$E000E018 o 24-bit CURRENT value of SysTick counter NVIC_ST_CURRENT_R

Delay time calculation

Since we are working with external clock i.e. 16 MHz, each pulse generated by the clock source will have 1/XTAL frequency = 1/(16*10^6) = 2.5 ns time period. so if we load 253 into the RELOAD register it and trigger the counter it will count down with next pulse and will take 2.5ns to change its value from 253 to 252. Hence, In order to generate the delay, we can calculate the approximate value that has to be loaded into this register by the formula-

Reload Value = XTAL*Time delay

one extra clock delay is already included to set the flag for rollover, hence we get one extra clock delay. By subtracting by one will give exact time delay.

Reload Value = (XTAL*Time Delay)-1

Remember that in one shoot, it can only take 0xFFFFFF maximum value. Therefore in one shoot, we can only generate maximum of Time delay

TimeDelay = (ReloadValue+1)/XTAL=16777215+(1/(16*10^6))
TimeDelay = 1.048 sec.

Example: For generating 1 sec of delay the value that has to be load into the RELOAD Register

Reload Value = (XTAL*Time delay)-1
Reload Value = (16*10^6*1)-1
Reload Value = 15999999

SysTick timer Initialization

There are four steps to initialize the SysTick timer:

  1. Clear the ENABLE (NVIC_ST_CTRL_R) bit to turn off SysTick during initialization.
  2. Set the RELOAD (NVIC_ST_RELOAD_R) register.
  3. Write to the NVIC_ST_CURRENT_R value to clear the counter.
  4. We write the desired mode to the control register, NVIC_ST_CTRL_R. We set the CLK_SRC (CLK_SRC=1) bit specifying the core clock will be used.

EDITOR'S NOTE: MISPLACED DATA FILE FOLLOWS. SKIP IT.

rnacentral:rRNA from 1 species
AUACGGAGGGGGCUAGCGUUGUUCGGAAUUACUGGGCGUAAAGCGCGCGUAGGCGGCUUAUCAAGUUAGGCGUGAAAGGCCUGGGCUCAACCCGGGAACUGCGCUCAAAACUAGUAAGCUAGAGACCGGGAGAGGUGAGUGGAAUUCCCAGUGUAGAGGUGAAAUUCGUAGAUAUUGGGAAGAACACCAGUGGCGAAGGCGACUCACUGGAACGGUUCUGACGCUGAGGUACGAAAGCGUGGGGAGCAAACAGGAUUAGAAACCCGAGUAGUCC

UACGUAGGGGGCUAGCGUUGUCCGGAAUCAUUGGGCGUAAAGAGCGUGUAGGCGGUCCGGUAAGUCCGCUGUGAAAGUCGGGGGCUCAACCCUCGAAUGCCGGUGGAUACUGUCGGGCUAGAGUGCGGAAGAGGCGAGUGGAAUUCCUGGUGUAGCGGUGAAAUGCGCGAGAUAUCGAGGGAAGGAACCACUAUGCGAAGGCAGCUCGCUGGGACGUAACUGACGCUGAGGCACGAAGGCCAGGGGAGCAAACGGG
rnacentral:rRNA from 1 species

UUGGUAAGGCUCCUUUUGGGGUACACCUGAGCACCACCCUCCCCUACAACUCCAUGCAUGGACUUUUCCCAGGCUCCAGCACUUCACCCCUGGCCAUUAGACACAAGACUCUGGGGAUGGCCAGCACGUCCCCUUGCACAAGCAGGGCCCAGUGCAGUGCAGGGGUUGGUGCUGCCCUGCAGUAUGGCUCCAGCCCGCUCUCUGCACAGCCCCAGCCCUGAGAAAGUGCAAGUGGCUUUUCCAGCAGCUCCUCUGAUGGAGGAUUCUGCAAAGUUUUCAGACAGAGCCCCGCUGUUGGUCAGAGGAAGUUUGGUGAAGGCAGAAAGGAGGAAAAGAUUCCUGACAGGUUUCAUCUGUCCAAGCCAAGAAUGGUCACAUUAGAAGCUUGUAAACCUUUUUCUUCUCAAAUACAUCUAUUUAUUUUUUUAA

1. void SysTick_Init(void)
  2. {
  3.     NVIC_ST_CTRL_R = 0;            /* 1) disable SysTick during setup */
  4.     NVIC_ST_RELOAD_R = 0x00FFFFFF; /* 2) maximum reload value */
  5.     NVIC_ST_CURRENT_R = 0;         /* 3) any write to current clears it */
  6.     NVIC_ST_CTRL_R = 0x00000005;   /* 4) enable SysTick with core clock */
  7. }

SysTick Timer Delay Functions

  1. /* delay is in 12.5ns units */
  2. void SysTick_Wait(uint32_t delay)
  3. { 
  4.     NVIC_ST_RELOAD_R = delay-1;    /* number of counts to wait */
  5.     NVIC_ST_CURRENT_R = 0;         /* any value written to CURRENT clears */
  6.     while((NVIC_ST_CTRL_R&0x00010000)==0) {
  7.         ;                          /* wait for COUNT flag */
  8.     }
  9. }

Delay in 10ms units

  1. /* Delay is in 10ms units */
  2. void SysTick_Wait10ms(uint32_t delay)
  3. { 
  4.     uint32_t i;
  5.  
  6.     for(i=0; i<delay; i++) {
  7.         SysTick_Wait(800000);      /* 800000*12.5ns equals 10ms */
  8.     }
  9. }

One Second Delay

  1. void One_Second_Delay(void)
  2. {
  3.     NVIC_ST_RELOAD_R = 15999999;    // Reload Value goes here
  4.     NVIC_ST_CTRL_R |= 0x5;          // Triggering with external clock
  5.     while( (NVIC_ST_CTRL_R & (1<<16) ) == 0)
  6.         ;                           // Monitoring bit 16 to be set
  7.     NVIC_ST_CTRL_R = 0;             //Disabling SysTick Timer
  8. }